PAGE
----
How Pepsi started a marketing revolution.
The year was 1957, and Pepsi — like many of the youth at that time — was dealing with an identity crisis. Despite efforts from marketers, Pepsi was being outsold by its biggest competitor and perpetual market leader — Coke — by a factor just shy of six to one, even as it was selling at half of Coke’s price. It wasn’t the product that was lacking, it was that Pepsi’s brand ethos — indecisive and directionless — was a fragmented shell of what it would need to become to take on Coke.
At the time, Coke was unrivaled, having succeeded in convincing the American public that they’d captured everything good and wholesome about American life within the murky confines of a glass bottle. This clear transcendence of the competition was not unlike Apple’s; like devotees react viscerally to a green speech bubble in iMessage, so too was it that to anyone who embraced the deeply American traits of exceptionalism, community-mindedness, and of course, Santa Claus, consuming anything other than Coke would’ve been considered heresy.
In 1963, Pepsi hired a young advertising executive named Alan Pottasch to address the issue. Pottasch’s task was, to put it gently, difficult. He was tasked with reinvigorating a brand competing against one of the most successful of all time, a product that not only outclassed Pepsi in every consumer-driven category, but was also — chemically — nearly identical. And so Pottasch made a decision that would later become iconic — as he put it, “…to stop talking about the product, and start talking about the user.” Here is Tim Wu in his book, The Attention Merchants, on the decision:
“[Pottasch] thus conceived of marketing Pepsi without reference to its inherent qualities, focusing instead on an image of the people who bought it, or should be buying it.”
For the first time in history, a brand decided to promote the type of user that purchased a product as opposed to the product itself. Beyond that, Pepsi promoted the idea of an entirely new generation, one free from the manipulative, consumerist messages being perpetuated by the mass media. (It was, after all, the 1960s.) This group would come to be known as “The Pepsi Generation.”
The Pepsi Generation was revolutionary because it was the first time a brand convinced people to purchase their product by focusing on the type of person that doing so made them. No generation before had ever so vocally longed to transcend themselves — to escape the consumerist mindset and achieve truly independent thought — and thus Pepsi’s message: drink our product and do exactly that — reached the perfect group at the perfect moment.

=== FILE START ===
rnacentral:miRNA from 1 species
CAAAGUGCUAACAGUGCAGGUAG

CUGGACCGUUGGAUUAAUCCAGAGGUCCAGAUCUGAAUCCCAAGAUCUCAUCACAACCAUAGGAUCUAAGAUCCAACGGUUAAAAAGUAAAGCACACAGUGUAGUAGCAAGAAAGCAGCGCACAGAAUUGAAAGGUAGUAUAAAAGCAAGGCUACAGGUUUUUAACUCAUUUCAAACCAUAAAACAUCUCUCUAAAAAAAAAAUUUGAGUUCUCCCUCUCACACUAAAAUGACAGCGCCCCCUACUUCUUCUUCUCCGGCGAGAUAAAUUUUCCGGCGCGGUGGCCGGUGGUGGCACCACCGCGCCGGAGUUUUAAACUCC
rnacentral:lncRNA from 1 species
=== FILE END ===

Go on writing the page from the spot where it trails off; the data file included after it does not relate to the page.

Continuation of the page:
Here’s Wu quoting Pottasch on the success of the campaign:
“‘For us to name and claim a whole generation after our product was a rather courageous thing,’ Pottasch would later remember, ‘that we weren’t sure would take off.’ But his intuition would prove correct. ‘What you drank said something about who you were. We painted an image of our consumer as active, vital, and young at heart.’”
Over the next decade, Pepsi — as a result of the Pepsi Generation campaign — gained significant market share on Coke. And while the campaign was revolutionary, the recipe for its success was simple. As Wu points out, “Desire’s most natural endpoint is consumption.” In other words, the campaign simply reimagined what people desired. This generation longed to escape consumerism, and the fact that Pepsi convinced them to do so by embracing it — purchasing a Pepsi, after all, is about as consumerist as it gets — is a testament to the genius of the campaign. Those who bought in and became a part of the Pepsi generation were searching for a new way to feel, rather than a new beverage to drink. Pepsi’s genius was that it found a way to be both.
The profundity of the Pepsi Generation campaign is twofold. First, its success reinvigorated a brand on the verge of being knocked out in an early round by one of the greatest competitors of the 20th century — Coke. Second, even decades later, it is nearly impossible to find a brand that has not used the strategy Pepsi pioneered: selling not a product, but a better version of ourselves.